The free services usually lack in terms of performance and speed, and you’re typically forced to endure advertising in exchange for free anonymity. For some, the free services may work fine, and it’s almost always possible to upgrade if you like the service.
Many VPN services offer free trials, so you can try before you buy. It’s probably a smart move to use a free service at first so you can get an idea of how VPNs work before you decide which product is preferable.
Another consideration is location. Depending on what geographical region you live in, there are usually VPN services available with servers near your location, which can mean faster and better performance. If you want to access blocked content from a particular country, you’ll need to choose a VPN with servers located there.
Which mobile VPN services are best?
There are several VPN mobile apps offering fast, secure and reliable connections. Many of the leading services have maintained a serious commitment to privacy principles and have designed software that works well on mobile devices.
Here’s my ranking of some of the best mobile VPN services on the market:
1) VyprVPN - This mobile VPN app works with iOS and Android devices. The US-based company has its own dedicated data centers, meaning faster speeds, and also offers one of the most sophisticated encryption systems available. There’s also cloud storage available. There’s a three-day free trial available, also. VyprVPN earns the number one position, in my opinion, but some users may be concerned about the fact that they keep data logs for 30 days.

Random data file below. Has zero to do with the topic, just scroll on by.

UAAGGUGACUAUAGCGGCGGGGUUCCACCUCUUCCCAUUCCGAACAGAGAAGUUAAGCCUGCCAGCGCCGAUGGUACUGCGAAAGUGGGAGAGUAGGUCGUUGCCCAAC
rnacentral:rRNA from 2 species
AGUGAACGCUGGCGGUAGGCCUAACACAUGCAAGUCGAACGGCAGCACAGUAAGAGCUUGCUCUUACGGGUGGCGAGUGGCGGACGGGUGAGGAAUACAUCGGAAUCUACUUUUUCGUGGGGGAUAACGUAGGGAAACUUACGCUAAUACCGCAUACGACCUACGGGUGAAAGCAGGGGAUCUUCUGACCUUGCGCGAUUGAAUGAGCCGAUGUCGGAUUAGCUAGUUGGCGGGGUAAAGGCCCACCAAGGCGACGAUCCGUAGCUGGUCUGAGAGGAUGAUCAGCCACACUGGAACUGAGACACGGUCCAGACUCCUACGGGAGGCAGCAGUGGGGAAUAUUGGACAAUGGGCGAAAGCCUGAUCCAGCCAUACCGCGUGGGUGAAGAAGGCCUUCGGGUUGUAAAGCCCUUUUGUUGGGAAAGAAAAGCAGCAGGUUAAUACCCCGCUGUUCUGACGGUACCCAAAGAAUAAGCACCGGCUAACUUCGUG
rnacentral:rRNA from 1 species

2) ExpressVPN - Running a close second, this mobile VPN app works very well with Android and offers great customer support, fast connections and reliable service overall. The company does not store data logs, so that’s also a plus. The only drawback is it’s slightly higher price compared to some mobile VPNs, but at around $8 per month, it’s still pretty darn cheap.
3) HideMyAss - One of the most popular VPN apps, HideMyAss has a huge number of servers, great performance stats and an easy-to-use service. This UK-based company, does keep partial logs, which may be a concern for those whose anonymity is crucial.
4) NordVPN - Works with iOS, Android and Windows devices. Based in Panama, the company is not required to keep logs. The service offers some user flexibility and customization features and they maintain servers in 20 countries, as well as offering several other connection options, such as Tor-over-VPN.
5) IPVanish - With multiple servers worldwide, great speeds and a competitive price, IPVanish deserves a place in the top five.
VPNs for smartphones continue to evolve, with more and more apps being released that work well on Android devices. Since most of the very best mobile VPNs are available for less than $10 per month, I strongly recommend choosing one of them - the protection is well worth the investment in the first place, and you might as well use a VPN that offers optimal speeds, security and performance.
To use a smartphone without such protection is asking for trouble - $5 or $10 per month is a small price to pay for online security and privacy.